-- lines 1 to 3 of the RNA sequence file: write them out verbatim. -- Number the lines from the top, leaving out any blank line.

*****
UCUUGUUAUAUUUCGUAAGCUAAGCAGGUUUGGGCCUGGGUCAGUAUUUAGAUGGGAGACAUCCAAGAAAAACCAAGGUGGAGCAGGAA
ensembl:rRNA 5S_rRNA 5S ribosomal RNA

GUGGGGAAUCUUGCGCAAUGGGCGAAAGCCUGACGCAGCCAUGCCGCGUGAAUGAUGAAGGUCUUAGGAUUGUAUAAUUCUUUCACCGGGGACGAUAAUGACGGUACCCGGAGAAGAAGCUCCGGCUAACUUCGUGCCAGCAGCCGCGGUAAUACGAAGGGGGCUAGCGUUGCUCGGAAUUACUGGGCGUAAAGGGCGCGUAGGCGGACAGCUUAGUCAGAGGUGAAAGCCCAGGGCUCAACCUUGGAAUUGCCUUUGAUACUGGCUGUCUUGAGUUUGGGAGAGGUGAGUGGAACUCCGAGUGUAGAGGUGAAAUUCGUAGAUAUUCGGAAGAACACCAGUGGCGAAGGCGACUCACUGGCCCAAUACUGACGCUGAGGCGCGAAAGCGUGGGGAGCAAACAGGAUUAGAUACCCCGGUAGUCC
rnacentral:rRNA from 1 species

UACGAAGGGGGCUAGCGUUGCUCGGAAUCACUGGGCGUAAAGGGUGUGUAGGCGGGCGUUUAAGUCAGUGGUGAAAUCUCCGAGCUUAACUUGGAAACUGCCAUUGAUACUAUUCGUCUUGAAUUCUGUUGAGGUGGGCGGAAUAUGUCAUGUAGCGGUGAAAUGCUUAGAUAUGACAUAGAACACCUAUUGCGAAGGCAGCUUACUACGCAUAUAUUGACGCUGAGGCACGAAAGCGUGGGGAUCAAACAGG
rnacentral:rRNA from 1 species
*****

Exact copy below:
UCUUGUUAUAUUUCGUAAGCUAAGCAGGUUUGGGCCUGGGUCAGUAUUUAGAUGGGAGACAUCCAAGAAAAACCAAGGUGGAGCAGGAA
ensembl:rRNA 5S_rRNA 5S ribosomal RNA

GUGGGGAAUCUUGCGCAAUGGGCGAAAGCCUGACGCAGCCAUGCCGCGUGAAUGAUGAAGGUCUUAGGAUUGUAUAAUUCUUUCACCGGGGACGAUAAUGACGGUACCCGGAGAAGAAGCUCCGGCUAACUUCGUGCCAGCAGCCGCGGUAAUACGAAGGGGGCUAGCGUUGCUCGGAAUUACUGGGCGUAAAGGGCGCGUAGGCGGACAGCUUAGUCAGAGGUGAAAGCCCAGGGCUCAACCUUGGAAUUGCCUUUGAUACUGGCUGUCUUGAGUUUGGGAGAGGUGAGUGGAACUCCGAGUGUAGAGGUGAAAUUCGUAGAUAUUCGGAAGAACACCAGUGGCGAAGGCGACUCACUGGCCCAAUACUGACGCUGAGGCGCGAAAGCGUGGGGAGCAAACAGGAUUAGAUACCCCGGUAGUCC